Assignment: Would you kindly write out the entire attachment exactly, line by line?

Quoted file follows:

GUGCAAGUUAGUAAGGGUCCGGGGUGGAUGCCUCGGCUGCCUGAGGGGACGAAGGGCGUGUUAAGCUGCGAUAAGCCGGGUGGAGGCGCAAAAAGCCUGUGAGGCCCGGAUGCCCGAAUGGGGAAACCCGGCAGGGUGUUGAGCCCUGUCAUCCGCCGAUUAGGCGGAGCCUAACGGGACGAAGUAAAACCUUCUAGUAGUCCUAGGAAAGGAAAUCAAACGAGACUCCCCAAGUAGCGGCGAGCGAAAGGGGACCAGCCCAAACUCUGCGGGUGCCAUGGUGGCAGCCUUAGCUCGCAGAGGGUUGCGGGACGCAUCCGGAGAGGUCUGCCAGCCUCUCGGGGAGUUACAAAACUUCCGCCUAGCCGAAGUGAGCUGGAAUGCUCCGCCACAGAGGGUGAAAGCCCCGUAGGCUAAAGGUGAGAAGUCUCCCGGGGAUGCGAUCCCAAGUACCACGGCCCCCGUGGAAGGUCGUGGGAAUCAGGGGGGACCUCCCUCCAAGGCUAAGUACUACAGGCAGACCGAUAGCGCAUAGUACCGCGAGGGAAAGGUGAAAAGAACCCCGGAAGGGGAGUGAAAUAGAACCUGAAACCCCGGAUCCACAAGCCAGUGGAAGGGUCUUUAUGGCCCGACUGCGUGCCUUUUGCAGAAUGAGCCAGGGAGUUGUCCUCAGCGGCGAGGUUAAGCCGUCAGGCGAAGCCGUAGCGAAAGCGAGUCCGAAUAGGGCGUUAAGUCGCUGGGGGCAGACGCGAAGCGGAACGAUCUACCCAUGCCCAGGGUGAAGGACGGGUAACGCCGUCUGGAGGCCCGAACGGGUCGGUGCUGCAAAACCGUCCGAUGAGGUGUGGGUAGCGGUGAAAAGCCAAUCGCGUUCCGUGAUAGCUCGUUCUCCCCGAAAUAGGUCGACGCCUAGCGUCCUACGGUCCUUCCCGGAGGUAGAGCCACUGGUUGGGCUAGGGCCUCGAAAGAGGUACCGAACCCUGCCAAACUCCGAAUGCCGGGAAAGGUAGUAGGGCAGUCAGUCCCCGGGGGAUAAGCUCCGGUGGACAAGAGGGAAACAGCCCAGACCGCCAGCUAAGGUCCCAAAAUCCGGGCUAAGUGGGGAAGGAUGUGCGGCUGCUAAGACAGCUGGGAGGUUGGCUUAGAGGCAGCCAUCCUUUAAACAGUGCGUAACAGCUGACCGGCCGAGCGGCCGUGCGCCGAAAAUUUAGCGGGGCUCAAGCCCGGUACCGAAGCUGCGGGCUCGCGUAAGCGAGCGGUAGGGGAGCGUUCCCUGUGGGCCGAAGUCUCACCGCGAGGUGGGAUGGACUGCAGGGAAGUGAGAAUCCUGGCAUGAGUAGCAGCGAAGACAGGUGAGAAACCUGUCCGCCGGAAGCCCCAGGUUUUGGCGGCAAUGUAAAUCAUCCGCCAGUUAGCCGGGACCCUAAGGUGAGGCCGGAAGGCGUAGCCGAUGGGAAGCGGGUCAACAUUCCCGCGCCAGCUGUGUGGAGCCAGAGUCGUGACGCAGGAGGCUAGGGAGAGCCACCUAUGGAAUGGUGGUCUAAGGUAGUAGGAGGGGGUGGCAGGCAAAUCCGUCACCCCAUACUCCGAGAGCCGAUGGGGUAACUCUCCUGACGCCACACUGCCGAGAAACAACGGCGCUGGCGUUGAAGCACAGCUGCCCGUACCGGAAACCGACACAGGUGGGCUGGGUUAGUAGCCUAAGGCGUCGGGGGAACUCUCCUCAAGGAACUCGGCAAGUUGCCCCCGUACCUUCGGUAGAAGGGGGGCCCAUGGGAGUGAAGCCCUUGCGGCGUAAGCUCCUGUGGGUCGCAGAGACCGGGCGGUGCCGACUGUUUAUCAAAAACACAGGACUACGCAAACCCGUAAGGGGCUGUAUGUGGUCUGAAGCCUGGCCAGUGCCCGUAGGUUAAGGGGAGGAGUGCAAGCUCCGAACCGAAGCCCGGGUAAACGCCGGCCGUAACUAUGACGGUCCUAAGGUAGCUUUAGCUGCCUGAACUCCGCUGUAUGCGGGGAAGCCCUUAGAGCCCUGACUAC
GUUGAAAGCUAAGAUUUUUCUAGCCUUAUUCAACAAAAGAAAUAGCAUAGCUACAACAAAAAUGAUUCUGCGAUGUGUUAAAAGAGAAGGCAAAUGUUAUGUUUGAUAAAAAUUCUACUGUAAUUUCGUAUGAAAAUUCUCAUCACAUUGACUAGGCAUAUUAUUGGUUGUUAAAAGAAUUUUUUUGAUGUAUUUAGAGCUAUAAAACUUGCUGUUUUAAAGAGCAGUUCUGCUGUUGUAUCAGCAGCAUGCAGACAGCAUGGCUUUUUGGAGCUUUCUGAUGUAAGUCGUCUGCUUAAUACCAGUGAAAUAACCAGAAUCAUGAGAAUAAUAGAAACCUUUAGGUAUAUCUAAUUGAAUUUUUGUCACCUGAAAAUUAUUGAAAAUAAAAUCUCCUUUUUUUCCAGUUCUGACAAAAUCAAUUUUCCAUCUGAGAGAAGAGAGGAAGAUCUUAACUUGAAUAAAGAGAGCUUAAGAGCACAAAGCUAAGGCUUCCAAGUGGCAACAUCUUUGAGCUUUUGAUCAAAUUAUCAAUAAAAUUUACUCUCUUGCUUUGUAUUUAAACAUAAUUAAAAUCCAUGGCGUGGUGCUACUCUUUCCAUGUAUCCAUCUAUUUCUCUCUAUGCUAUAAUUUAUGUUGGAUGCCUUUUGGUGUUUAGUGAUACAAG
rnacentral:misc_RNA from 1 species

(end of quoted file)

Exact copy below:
GUGCAAGUUAGUAAGGGUCCGGGGUGGAUGCCUCGGCUGCCUGAGGGGACGAAGGGCGUGUUAAGCUGCGAUAAGCCGGGUGGAGGCGCAAAAAGCCUGUGAGGCCCGGAUGCCCGAAUGGGGAAACCCGGCAGGGUGUUGAGCCCUGUCAUCCGCCGAUUAGGCGGAGCCUAACGGGACGAAGUAAAACCUUCUAGUAGUCCUAGGAAAGGAAAUCAAACGAGACUCCCCAAGUAGCGGCGAGCGAAAGGGGACCAGCCCAAACUCUGCGGGUGCCAUGGUGGCAGCCUUAGCUCGCAGAGGGUUGCGGGACGCAUCCGGAGAGGUCUGCCAGCCUCUCGGGGAGUUACAAAACUUCCGCCUAGCCGAAGUGAGCUGGAAUGCUCCGCCACAGAGGGUGAAAGCCCCGUAGGCUAAAGGUGAGAAGUCUCCCGGGGAUGCGAUCCCAAGUACCACGGCCCCCGUGGAAGGUCGUGGGAAUCAGGGGGGACCUCCCUCCAAGGCUAAGUACUACAGGCAGACCGAUAGCGCAUAGUACCGCGAGGGAAAGGUGAAAAGAACCCCGGAAGGGGAGUGAAAUAGAACCUGAAACCCCGGAUCCACAAGCCAGUGGAAGGGUCUUUAUGGCCCGACUGCGUGCCUUUUGCAGAAUGAGCCAGGGAGUUGUCCUCAGCGGCGAGGUUAAGCCGUCAGGCGAAGCCGUAGCGAAAGCGAGUCCGAAUAGGGCGUUAAGUCGCUGGGGGCAGACGCGAAGCGGAACGAUCUACCCAUGCCCAGGGUGAAGGACGGGUAACGCCGUCUGGAGGCCCGAACGGGUCGGUGCUGCAAAACCGUCCGAUGAGGUGUGGGUAGCGGUGAAAAGCCAAUCGCGUUCCGUGAUAGCUCGUUCUCCCCGAAAUAGGUCGACGCCUAGCGUCCUACGGUCCUUCCCGGAGGUAGAGCCACUGGUUGGGCUAGGGCCUCGAAAGAGGUACCGAACCCUGCCAAACUCCGAAUGCCGGGAAAGGUAGUAGGGCAGUCAGUCCCCGGGGGAUAAGCUCCGGUGGACAAGAGGGAAACAGCCCAGACCGCCAGCUAAGGUCCCAAAAUCCGGGCUAAGUGGGGAAGGAUGUGCGGCUGCUAAGACAGCUGGGAGGUUGGCUUAGAGGCAGCCAUCCUUUAAACAGUGCGUAACAGCUGACCGGCCGAGCGGCCGUGCGCCGAAAAUUUAGCGGGGCUCAAGCCCGGUACCGAAGCUGCGGGCUCGCGUAAGCGAGCGGUAGGGGAGCGUUCCCUGUGGGCCGAAGUCUCACCGCGAGGUGGGAUGGACUGCAGGGAAGUGAGAAUCCUGGCAUGAGUAGCAGCGAAGACAGGUGAGAAACCUGUCCGCCGGAAGCCCCAGGUUUUGGCGGCAAUGUAAAUCAUCCGCCAGUUAGCCGGGACCCUAAGGUGAGGCCGGAAGGCGUAGCCGAUGGGAAGCGGGUCAACAUUCCCGCGCCAGCUGUGUGGAGCCAGAGUCGUGACGCAGGAGGCUAGGGAGAGCCACCUAUGGAAUGGUGGUCUAAGGUAGUAGGAGGGGGUGGCAGGCAAAUCCGUCACCCCAUACUCCGAGAGCCGAUGGGGUAACUCUCCUGACGCCACACUGCCGAGAAACAACGGCGCUGGCGUUGAAGCACAGCUGCCCGUACCGGAAACCGACACAGGUGGGCUGGGUUAGUAGCCUAAGGCGUCGGGGGAACUCUCCUCAAGGAACUCGGCAAGUUGCCCCCGUACCUUCGGUAGAAGGGGGGCCCAUGGGAGUGAAGCCCUUGCGGCGUAAGCUCCUGUGGGUCGCAGAGACCGGGCGGUGCCGACUGUUUAUCAAAAACACAGGACUACGCAAACCCGUAAGGGGCUGUAUGUGGUCUGAAGCCUGGCCAGUGCCCGUAGGUUAAGGGGAGGAGUGCAAGCUCCGAACCGAAGCCCGGGUAAACGCCGGCCGUAACUAUGACGGUCCUAAGGUAGCUUUAGCUGCCUGAACUCCGCUGUAUGCGGGGAAGCCCUUAGAGCCCUGACUAC
GUUGAAAGCUAAGAUUUUUCUAGCCUUAUUCAACAAAAGAAAUAGCAUAGCUACAACAAAAAUGAUUCUGCGAUGUGUUAAAAGAGAAGGCAAAUGUUAUGUUUGAUAAAAAUUCUACUGUAAUUUCGUAUGAAAAUUCUCAUCACAUUGACUAGGCAUAUUAUUGGUUGUUAAAAGAAUUUUUUUGAUGUAUUUAGAGCUAUAAAACUUGCUGUUUUAAAGAGCAGUUCUGCUGUUGUAUCAGCAGCAUGCAGACAGCAUGGCUUUUUGGAGCUUUCUGAUGUAAGUCGUCUGCUUAAUACCAGUGAAAUAACCAGAAUCAUGAGAAUAAUAGAAACCUUUAGGUAUAUCUAAUUGAAUUUUUGUCACCUGAAAAUUAUUGAAAAUAAAAUCUCCUUUUUUUCCAGUUCUGACAAAAUCAAUUUUCCAUCUGAGAGAAGAGAGGAAGAUCUUAACUUGAAUAAAGAGAGCUUAAGAGCACAAAGCUAAGGCUUCCAAGUGGCAACAUCUUUGAGCUUUUGAUCAAAUUAUCAAUAAAAUUUACUCUCUUGCUUUGUAUUUAAACAUAAUUAAAAUCCAUGGCGUGGUGCUACUCUUUCCAUGUAUCCAUCUAUUUCUCUCUAUGCUAUAAUUUAUGUUGGAUGCCUUUUGGUGUUUAGUGAUACAAG
rnacentral:misc_RNA from 1 species